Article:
more influence on the likes and dislikes When any very well-known soul re of the palate, than the direct sensations turns upon the earth, it is easy to foresee occasioned by the thing applied, eating that it will shortly be surrounded by (q. e. d.) must be as well entitled as lanseveral of those souls who formerly co- guage itself, to be studied. It is well operated with it: but the order of pre- that words should be individualiy eupho. sentation is often inverted.

nical; but it chiefly impurts that the

excited ideas should delight and stimu. La Mothe de Vayer was the first who late. It is well that food should be solemnly proposed to recognize cookery wholesome; but it chiefly signifies that as one of the fine arts; and under the it should beckon into the soul agreeable denomination of gastrology, tu compile trains of thougiit, about its far fetched learned quartos on the science of en- material, or its traditional preparation. hancing the physical and moral pleasures of the palate.

Macrobius says (Saturnalia, lib.i. c. 7) The ear, he contends, if given to man that the oldest money kuown in Italy for need, is employed for luxury; and we had, on one side, the head of Saturn, hold it honourable to listen to sweet and on the other side, a ship: whence music, or to fine oratory.


eye may came the phrase used in tossing up, Heads have been intended only to guard us or ships. Cum pueri denarios in sublime against a post; but who is content with juctantes Capita aut navia lusu teste ve its necessary offices? For a finę pros- tustatis exclumunt. Surely it would bepect we laboriously climb a hill: for the come this nation to stamp some of its painter Schneider's inside view of a pan. coin with so apt an emblem of its comtry we gladly exchange our goid. mercial prosperity as a ship.

And shail an organ no less exquisitely It may however be suspected that these sensible than the ear and the eye, whose earliest coms known in Italy, were not percipiency gives to all the pleasures of made there, but in Egyptį and that the taste their generic name, be less regarded figure called Saturn was the Egyptian god than they, less honoured, less philoso- Phthas, who was considered as the father phized about?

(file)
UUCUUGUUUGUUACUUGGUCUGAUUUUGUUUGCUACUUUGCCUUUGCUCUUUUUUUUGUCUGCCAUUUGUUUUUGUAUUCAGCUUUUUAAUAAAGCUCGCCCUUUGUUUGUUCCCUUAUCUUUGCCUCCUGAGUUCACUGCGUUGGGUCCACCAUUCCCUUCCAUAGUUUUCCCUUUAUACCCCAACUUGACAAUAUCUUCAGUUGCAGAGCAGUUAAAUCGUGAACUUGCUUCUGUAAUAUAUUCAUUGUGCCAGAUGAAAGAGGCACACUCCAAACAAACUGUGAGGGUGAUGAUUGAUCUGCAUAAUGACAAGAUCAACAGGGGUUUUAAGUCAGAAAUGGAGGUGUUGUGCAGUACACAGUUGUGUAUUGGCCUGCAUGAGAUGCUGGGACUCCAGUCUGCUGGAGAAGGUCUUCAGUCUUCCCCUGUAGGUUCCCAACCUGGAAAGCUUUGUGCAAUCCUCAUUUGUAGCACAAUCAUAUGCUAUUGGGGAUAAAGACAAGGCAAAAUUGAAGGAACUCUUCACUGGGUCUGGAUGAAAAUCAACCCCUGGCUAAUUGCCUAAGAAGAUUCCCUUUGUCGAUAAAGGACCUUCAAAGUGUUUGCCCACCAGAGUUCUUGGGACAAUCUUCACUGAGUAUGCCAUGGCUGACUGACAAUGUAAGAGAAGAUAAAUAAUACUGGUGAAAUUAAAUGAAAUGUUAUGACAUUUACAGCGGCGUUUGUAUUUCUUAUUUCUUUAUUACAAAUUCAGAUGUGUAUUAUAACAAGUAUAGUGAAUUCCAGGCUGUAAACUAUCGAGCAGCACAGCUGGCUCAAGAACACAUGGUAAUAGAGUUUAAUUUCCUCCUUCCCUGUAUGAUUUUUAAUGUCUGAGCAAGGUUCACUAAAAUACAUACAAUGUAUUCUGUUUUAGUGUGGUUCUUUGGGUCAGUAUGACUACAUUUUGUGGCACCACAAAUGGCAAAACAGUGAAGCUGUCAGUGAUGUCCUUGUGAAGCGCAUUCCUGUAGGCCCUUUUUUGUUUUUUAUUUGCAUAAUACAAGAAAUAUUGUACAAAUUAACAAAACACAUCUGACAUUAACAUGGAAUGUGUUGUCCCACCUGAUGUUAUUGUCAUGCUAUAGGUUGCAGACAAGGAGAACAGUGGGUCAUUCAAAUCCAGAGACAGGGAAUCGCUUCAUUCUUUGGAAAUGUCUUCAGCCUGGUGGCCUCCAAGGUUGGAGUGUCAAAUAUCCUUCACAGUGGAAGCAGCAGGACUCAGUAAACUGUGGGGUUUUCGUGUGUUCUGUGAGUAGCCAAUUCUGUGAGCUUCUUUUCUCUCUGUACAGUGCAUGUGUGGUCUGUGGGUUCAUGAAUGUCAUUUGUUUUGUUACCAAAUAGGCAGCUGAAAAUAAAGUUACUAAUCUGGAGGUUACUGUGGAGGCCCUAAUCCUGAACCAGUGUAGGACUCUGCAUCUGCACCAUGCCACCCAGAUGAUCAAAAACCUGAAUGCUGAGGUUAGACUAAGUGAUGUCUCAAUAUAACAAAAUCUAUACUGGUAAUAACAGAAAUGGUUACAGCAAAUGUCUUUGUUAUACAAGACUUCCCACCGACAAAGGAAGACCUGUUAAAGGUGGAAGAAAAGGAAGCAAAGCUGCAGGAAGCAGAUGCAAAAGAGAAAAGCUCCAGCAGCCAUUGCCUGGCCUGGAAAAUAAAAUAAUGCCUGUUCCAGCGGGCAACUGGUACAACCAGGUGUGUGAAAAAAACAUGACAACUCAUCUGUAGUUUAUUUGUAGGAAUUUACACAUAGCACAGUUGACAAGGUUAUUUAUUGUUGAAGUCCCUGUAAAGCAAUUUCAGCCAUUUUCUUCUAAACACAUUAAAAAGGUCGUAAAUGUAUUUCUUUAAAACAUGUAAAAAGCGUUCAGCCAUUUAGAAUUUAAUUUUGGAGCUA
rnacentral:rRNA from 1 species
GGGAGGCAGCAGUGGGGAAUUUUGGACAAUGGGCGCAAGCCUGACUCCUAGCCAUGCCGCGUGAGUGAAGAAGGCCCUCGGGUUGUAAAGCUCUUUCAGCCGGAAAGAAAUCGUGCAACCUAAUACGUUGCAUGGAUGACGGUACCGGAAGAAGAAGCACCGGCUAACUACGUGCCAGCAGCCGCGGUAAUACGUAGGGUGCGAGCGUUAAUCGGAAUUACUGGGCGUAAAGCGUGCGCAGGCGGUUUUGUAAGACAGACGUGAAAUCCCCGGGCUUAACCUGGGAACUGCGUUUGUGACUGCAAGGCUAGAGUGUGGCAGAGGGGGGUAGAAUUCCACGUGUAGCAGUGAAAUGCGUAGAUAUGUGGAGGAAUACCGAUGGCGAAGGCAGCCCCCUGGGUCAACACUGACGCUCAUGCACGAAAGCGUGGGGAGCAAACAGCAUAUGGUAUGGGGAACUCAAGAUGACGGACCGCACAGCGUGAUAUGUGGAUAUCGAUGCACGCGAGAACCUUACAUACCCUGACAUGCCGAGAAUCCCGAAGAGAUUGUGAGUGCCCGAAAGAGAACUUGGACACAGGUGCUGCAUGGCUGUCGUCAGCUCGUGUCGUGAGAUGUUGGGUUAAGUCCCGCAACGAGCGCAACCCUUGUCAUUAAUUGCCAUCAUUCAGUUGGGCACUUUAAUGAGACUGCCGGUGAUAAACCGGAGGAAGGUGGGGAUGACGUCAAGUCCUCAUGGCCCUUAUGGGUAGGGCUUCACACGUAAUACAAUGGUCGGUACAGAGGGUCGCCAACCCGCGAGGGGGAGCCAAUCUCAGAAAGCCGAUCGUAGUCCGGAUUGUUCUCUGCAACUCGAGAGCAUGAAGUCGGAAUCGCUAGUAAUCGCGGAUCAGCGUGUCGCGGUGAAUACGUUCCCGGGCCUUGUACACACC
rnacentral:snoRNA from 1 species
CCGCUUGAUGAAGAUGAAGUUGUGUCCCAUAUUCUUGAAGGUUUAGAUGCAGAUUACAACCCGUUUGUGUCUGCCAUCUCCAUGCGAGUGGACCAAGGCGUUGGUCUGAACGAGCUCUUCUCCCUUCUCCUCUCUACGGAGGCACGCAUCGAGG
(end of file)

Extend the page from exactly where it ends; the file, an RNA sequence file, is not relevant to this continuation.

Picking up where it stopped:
of all other gods, (Jablonski, lib. i. c. 2,) Some flavours are naturally pleasing, though finally neglected for his children, as of milk, honey, and grapes. Yet the On the altars of Phthas a splendid fiame inighest relish of these foods evidently was kindled; and the original worshippers consists in the associated ideas which of Saturn are described by Macrobius, as they happen to cxcite, in the accessory employing a similar ritual. Arus Sad imaginary perceptions which accompany turnius, non mactando viros, sed uccensis them. Who likes milk in the country? luminibus excolentes. Who does not enjoy it in the heart of London, when he can obtain a draught In the Annual Review, vol. vi. p. 380, fresh from the cow, foaming in the jug, the utility of novel-reading is thus descattering its musky fragrance, and cal- fended: ling up before the fancy rural ideas of “ From the contemplation of fictitious green meadows, corn-clad bills, and distress, inen most etlicaciously learn to smokeless air. Honey soon cloys; but feel for real suffering. Where no cirlet the honey be that of Hybla, famous cumstances of disgust intercept the pity, in the classic page, and the Sicilian tra- and no restraints of prudence the beniveller will suck it up with delight. The ficence, a tendency is easily generated grape, which hardly ripens on our gar to cominiserate and to relieve. And den-walls, is still a welcome dish at the this tendency, like the military exercises dessert; because it awakens so many learnt on the parade, is the true basis of thoughts of mirth and grace derived froin those practical efforts of philanthropy, Bacchanalian sings.

which, in the real warfare with human Some flavours are naturally displcasing, misery, constitute the noblest triumphs as of an oyster, or an olive; yet froin of virtue." being tasted in the society of friendship, or rank, and mingled in our recollection Juan Gonzales de Mendoza, an Aus with the joys of life, they often become gustin friar of Castiie, was appointed in exquisitely enticing.

1584 by the king of Spain, to be his anrNow it it be true that the moral power bassador in China. On his return, he